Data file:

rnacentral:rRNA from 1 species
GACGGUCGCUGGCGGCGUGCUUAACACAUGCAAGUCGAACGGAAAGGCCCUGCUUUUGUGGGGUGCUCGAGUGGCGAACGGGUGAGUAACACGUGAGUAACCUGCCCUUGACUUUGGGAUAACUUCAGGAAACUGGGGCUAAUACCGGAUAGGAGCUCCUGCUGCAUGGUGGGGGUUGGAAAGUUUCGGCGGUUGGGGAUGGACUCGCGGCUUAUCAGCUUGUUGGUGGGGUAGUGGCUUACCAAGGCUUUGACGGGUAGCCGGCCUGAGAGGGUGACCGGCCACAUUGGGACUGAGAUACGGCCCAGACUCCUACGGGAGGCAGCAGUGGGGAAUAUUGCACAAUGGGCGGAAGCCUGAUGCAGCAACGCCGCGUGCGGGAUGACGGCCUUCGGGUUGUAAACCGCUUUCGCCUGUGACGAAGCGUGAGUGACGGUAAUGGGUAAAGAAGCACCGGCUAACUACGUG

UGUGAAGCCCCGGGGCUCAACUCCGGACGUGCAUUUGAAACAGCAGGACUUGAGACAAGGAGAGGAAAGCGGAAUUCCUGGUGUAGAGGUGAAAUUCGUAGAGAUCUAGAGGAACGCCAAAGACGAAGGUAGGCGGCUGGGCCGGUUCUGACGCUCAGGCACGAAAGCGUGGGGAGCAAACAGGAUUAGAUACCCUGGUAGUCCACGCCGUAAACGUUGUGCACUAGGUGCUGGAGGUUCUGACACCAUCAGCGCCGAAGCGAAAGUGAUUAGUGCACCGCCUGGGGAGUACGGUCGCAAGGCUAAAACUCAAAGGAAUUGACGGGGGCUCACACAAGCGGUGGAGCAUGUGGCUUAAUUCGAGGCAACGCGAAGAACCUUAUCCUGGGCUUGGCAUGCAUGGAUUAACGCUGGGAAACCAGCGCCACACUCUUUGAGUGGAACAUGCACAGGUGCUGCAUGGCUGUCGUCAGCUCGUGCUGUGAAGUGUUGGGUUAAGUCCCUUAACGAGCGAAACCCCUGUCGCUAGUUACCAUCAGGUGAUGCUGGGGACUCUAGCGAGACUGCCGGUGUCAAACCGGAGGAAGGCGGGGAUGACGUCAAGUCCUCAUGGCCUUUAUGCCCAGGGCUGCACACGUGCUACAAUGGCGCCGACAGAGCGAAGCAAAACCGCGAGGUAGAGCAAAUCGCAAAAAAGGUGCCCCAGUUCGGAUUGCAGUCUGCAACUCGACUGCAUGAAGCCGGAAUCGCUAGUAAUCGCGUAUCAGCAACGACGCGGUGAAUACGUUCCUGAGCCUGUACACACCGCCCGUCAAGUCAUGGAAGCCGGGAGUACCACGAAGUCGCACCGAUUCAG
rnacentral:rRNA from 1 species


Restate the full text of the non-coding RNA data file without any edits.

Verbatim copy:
rnacentral:rRNA from 1 species
GACGGUCGCUGGCGGCGUGCUUAACACAUGCAAGUCGAACGGAAAGGCCCUGCUUUUGUGGGGUGCUCGAGUGGCGAACGGGUGAGUAACACGUGAGUAACCUGCCCUUGACUUUGGGAUAACUUCAGGAAACUGGGGCUAAUACCGGAUAGGAGCUCCUGCUGCAUGGUGGGGGUUGGAAAGUUUCGGCGGUUGGGGAUGGACUCGCGGCUUAUCAGCUUGUUGGUGGGGUAGUGGCUUACCAAGGCUUUGACGGGUAGCCGGCCUGAGAGGGUGACCGGCCACAUUGGGACUGAGAUACGGCCCAGACUCCUACGGGAGGCAGCAGUGGGGAAUAUUGCACAAUGGGCGGAAGCCUGAUGCAGCAACGCCGCGUGCGGGAUGACGGCCUUCGGGUUGUAAACCGCUUUCGCCUGUGACGAAGCGUGAGUGACGGUAAUGGGUAAAGAAGCACCGGCUAACUACGUG

UGUGAAGCCCCGGGGCUCAACUCCGGACGUGCAUUUGAAACAGCAGGACUUGAGACAAGGAGAGGAAAGCGGAAUUCCUGGUGUAGAGGUGAAAUUCGUAGAGAUCUAGAGGAACGCCAAAGACGAAGGUAGGCGGCUGGGCCGGUUCUGACGCUCAGGCACGAAAGCGUGGGGAGCAAACAGGAUUAGAUACCCUGGUAGUCCACGCCGUAAACGUUGUGCACUAGGUGCUGGAGGUUCUGACACCAUCAGCGCCGAAGCGAAAGUGAUUAGUGCACCGCCUGGGGAGUACGGUCGCAAGGCUAAAACUCAAAGGAAUUGACGGGGGCUCACACAAGCGGUGGAGCAUGUGGCUUAAUUCGAGGCAACGCGAAGAACCUUAUCCUGGGCUUGGCAUGCAUGGAUUAACGCUGGGAAACCAGCGCCACACUCUUUGAGUGGAACAUGCACAGGUGCUGCAUGGCUGUCGUCAGCUCGUGCUGUGAAGUGUUGGGUUAAGUCCCUUAACGAGCGAAACCCCUGUCGCUAGUUACCAUCAGGUGAUGCUGGGGACUCUAGCGAGACUGCCGGUGUCAAACCGGAGGAAGGCGGGGAUGACGUCAAGUCCUCAUGGCCUUUAUGCCCAGGGCUGCACACGUGCUACAAUGGCGCCGACAGAGCGAAGCAAAACCGCGAGGUAGAGCAAAUCGCAAAAAAGGUGCCCCAGUUCGGAUUGCAGUCUGCAACUCGACUGCAUGAAGCCGGAAUCGCUAGUAAUCGCGUAUCAGCAACGACGCGGUGAAUACGUUCCUGAGCCUGUACACACCGCCCGUCAAGUCAUGGAAGCCGGGAGUACCACGAAGUCGCACCGAUUCAG
rnacentral:rRNA from 1 species